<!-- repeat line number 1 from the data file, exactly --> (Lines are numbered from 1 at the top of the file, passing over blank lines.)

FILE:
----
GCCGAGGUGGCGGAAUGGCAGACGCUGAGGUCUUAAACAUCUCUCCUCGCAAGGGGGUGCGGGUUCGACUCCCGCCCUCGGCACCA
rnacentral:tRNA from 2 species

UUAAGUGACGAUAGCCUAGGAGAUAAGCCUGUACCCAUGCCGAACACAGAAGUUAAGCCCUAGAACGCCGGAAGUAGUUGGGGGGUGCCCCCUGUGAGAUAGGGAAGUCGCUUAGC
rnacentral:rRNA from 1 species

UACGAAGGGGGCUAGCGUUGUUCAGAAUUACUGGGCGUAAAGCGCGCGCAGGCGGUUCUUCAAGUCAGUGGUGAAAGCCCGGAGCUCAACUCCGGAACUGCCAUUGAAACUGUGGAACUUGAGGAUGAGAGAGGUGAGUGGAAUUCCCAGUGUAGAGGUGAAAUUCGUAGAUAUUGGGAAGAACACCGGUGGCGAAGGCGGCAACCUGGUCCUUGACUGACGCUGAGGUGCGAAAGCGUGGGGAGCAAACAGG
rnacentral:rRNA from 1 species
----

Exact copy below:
GCCGAGGUGGCGGAAUGGCAGACGCUGAGGUCUUAAACAUCUCUCCUCGCAAGGGGGUGCGGGUUCGACUCCCGCCCUCGGCACCA